Thanks to generous support from Google, each of you will receive $50 of Google Cloud credits to use for this course. You will receive an email from the instructor by the end of the second week with instructions on how to request a Google Cloud Platform coupon. Once you have redeemed the coupon, you are ready to create your VM.

Note that if you haven’t tried Google Cloud before, you will get a $300/60-day credit for signing up. In that case, you might consider using your $300 sign-up credit first before your course coupon.

Creating a VM

  1. Head to the Google Cloud Platform Console, authenticate yourself, and create a “project” if you haven’t already.
  2. Click on the top-left corner menu button, and select “Compute Engine” (or go there directly). Click “Create an instance”.
    1. For machine type,  1 vCPU (with 3.75G memory) will do for this course, but feel free to explore more expensive options should the need arise for your course project.
    2. For book disk, select Ubuntu 14.04 LTS, and a minimum of 20GB standard persistent disk.
    3. For firewall, you can allow HTTP/HTTPS traffic, which may be useful for your course project.

    The other options can be left at default for now.

  3. Once the VM has been created, you will see it listed as one of your “VM instances”. When it is running, you will see an “SSH” option at the end of the line. Click on that to connect, and you will be inside a shell of your VM. Follow the instructions for Help/Readying VM for the Course.
  4. You now need to reboot your VM. Exit from from your VM shell (using the exit command), go back to the compute engine console, select your running VM, stop it and then start it using the buttons on top of the page.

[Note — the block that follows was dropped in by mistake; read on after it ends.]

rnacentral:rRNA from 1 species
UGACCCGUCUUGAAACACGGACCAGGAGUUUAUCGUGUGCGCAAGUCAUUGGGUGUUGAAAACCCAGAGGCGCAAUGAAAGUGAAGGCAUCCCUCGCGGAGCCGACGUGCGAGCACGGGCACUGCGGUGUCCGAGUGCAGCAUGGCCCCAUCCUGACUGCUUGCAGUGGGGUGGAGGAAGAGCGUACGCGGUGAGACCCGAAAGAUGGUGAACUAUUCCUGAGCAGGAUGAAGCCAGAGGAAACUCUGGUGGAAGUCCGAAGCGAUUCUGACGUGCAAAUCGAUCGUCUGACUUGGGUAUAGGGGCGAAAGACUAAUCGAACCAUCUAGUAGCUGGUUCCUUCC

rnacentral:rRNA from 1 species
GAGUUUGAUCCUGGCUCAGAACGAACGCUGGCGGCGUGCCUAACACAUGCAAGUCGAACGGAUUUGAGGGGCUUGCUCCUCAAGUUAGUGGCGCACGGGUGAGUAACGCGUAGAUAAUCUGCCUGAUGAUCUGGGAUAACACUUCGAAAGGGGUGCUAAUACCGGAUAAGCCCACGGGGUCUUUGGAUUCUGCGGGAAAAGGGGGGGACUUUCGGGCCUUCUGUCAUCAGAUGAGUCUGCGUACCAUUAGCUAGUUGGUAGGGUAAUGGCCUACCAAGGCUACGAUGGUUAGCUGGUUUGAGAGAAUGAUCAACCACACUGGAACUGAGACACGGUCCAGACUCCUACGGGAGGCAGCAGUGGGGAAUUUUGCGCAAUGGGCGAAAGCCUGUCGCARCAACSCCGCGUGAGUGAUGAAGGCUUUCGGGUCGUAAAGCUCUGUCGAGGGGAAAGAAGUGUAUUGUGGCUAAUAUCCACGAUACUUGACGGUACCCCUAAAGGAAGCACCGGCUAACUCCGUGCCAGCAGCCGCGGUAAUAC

Managing VMs

You can stop, start, and SSH into your VM all conveniently from the Compute Engine Console. Make a habit of stopping your VM when not in use, because it will cost you credits!

Note that you can click on the “SSH” button multiple times to get multiple shells for multitasking.

When your VM is running, you will see an external IP address assigned to it, which you can use to access a website running on your VM, for example.

You can also delete your VM, but you will lose everything in your VM. Do NOT use this command unless you really want to get rid of the VM and all its data (e.g., when you finish this course).

File Access

When working on your VM, remember that it is a machine separate from your own computer, with its own file system and disk. If want to transfer files between your computer and your VM, follow these instructions. You might also want to check out other options for connecting to your VM.

Network Access

If you had followed the above instructions to create your VM, you should be able to login remotely via ssh and access any website hosted on your VM on its port 80. Access to other network ports on your VM, however, is generally blocked by default. If you want to open up access to a particular port (say 1234), follow these instructions:

  • Go to the compute engine console and click on your VM’s name. You should see a list of information about your VM. Click on the “default” link under “Network.”
  • Under the “Network details” page, find the section on “Firewall rules,” and click on “Add firewall rule.”
  • Under the “Create a firewall rule” page:
    • Under “Name,” enter a short, meaningful name to help you remember what this rule is for.
    • Under “Source IP ranges,” enter
    • Under “Allowed protocols and ports,” enter tcp:1234 (replace 1234 with the particular port number you want access to).
    • Other settings can be left at their default values.
    • Click “Create.”
  • You may need to stop and then restart your VM in order for the changes to take effect.